Visa Claims Resolution (VCR)

In response to the rising number of chargebacks and an increase in related processing time and costs, Visa is introducing their new dispute service initiative, Visa Claims Resolution (VCR). Visa will implement VCR on April 14, 2018.

Visa Claims Resolution is designed to streamline and expedite the dispute resolution process. The intent for this change is to eliminate or reduce invalid disputes and responses, and automate liability assignment from the current litigating based process. It will provide a more efficient process with simplified rules, user guided workflows, and reduced resolution time frames.

With VCR, Visa is making significant changes and has focused on shortening and simplifying the dispute resolution process requirements
to ensure there are consistent rules for Issuers, Acquirers, and merchants.

Visa found that it takes takes 46 days, on average, to resolve a chargeback. More complex cases can take over 100 days to resolve. From a merchant’s standpoint, that’s over three painful months worrying about the same dispute. VCR reduces the response time frame to 30 days. Visa anticipates the new process’ required up-front information will do away with the back-and-forth between the merchant, acquirer, and issuer. Resulting in quicker dispute resolution, with expectations from Visa indicating resolution within 31 days.

To achieve the quicker resolutions, Visa will be reducing the whole process involved in dispute resolution by having all disputes follow one of two new workflows: Allocation and Collaboration.

Allocation Workflow


Disputes Assigned to this Workflow: Fraud and Authorization

All fraud and authorization disputes will go through the Allocation workflow. Here, Visa performs a series of automated checks on the dispute. These automated checks will tell Visa a few things:

  • If the cardholder disputed the purchase after the allotted timeframe
  • If the disputed transaction has already been refunded

If Visa detects any of the above items, the dispute will be blocked and it won’t become a dispute. The Allocation workflow will result in less invalid disputes that merchants will have to deal with.

However, if the dispute passes through the automated workflow without triggering any invalid sensors, Visa will assign liability to the merchant. Defending against the dispute will only be possible in specific circumstances. Essentially, responses will only be allowed if the merchant can definitively prove the dispute is invalid.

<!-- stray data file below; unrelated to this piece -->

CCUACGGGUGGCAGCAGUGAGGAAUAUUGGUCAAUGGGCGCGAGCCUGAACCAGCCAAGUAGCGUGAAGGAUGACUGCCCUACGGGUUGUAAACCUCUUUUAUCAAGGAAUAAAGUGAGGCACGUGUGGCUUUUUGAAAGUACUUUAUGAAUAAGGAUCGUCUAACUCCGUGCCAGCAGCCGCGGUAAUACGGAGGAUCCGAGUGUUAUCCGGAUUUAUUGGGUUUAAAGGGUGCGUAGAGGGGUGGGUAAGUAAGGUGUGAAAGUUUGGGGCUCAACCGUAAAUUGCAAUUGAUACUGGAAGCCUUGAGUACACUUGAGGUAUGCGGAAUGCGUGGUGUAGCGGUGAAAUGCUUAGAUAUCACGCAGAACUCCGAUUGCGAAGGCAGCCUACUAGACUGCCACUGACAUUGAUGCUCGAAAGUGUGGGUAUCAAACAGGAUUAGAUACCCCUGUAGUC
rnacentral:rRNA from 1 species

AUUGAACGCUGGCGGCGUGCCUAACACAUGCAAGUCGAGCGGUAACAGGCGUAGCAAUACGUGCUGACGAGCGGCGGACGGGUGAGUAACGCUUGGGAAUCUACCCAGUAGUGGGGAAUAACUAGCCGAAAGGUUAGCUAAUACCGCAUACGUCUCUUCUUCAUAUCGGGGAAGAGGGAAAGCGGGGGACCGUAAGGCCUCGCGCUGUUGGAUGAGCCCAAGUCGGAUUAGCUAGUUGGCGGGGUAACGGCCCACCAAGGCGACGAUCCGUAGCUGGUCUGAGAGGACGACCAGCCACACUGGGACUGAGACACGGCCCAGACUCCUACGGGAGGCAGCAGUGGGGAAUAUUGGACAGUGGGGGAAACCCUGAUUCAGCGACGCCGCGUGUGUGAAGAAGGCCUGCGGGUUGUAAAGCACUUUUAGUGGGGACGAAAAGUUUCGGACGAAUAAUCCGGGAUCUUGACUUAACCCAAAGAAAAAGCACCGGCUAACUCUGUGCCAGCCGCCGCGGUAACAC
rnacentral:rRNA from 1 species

How is this different than the current process? Currently, merchants can submit responses to all fraud disputes, regardless of the strength of the rebuttal and/or the evidence provided. This new system means that merchants need to respond based on what’s specifically stated in Visa’s rules and regulations.




Collaboration Workflow


Disputes Assigned to this Workflow: Processing Error and Consumer Disputes

Visa explains that the majority of disputes will flow through the Allocation workflow, but a portion will still require interaction between merchants, acquirers, and issuers. The Collaboration workflow is essentially the same as today’s chargeback process. Its goal is to simplify communication between each party and reduce the overall dispute timeframe.





New Reason Codes

Visa’s new process introduces four dispute categories and associated numerical labels:

  • Fraud – 10

  • Authorization – 11

  • Processing Errors – 12

  • Consumer Disputes – 13

 Under which the new, renamed reason codes will be placed:

Even with these simplified categories, Visa assures that they will continue to provide the same level of data — and in some cases even more — to merchants. Again, their end goal is to help merchants understand the reason for the dispute. Issuers will also be required to fill out a Dispute Questionnaire to provide all parties with the information needed before the dispute is initiated.

In Summary...

The new Visa Claims Resolution is expected to save time and increase efficiencies for Issuers, Acquirers, and merchants alike. Here’s the rundown of changes that merchants should know:

 

  • Visa will implement VCR on April 14, 2018--chargebacks raised before this date will continue under the previous workflow / resolution process

  • The timeframe for merchants to submit a response is decreased from 45 days to 30 days

  • Invalid disputes are stopped before they reach the merchant through new automated workflows

  • Fraud and authorization disputes responses are only allowed when the merchant can definitively prove the dispute is invalid

  • Reason codes are getting an organizational makeover, but the compelling evidence requirements remains largely unchanged from what was previously accepted

Questions? Please contact us.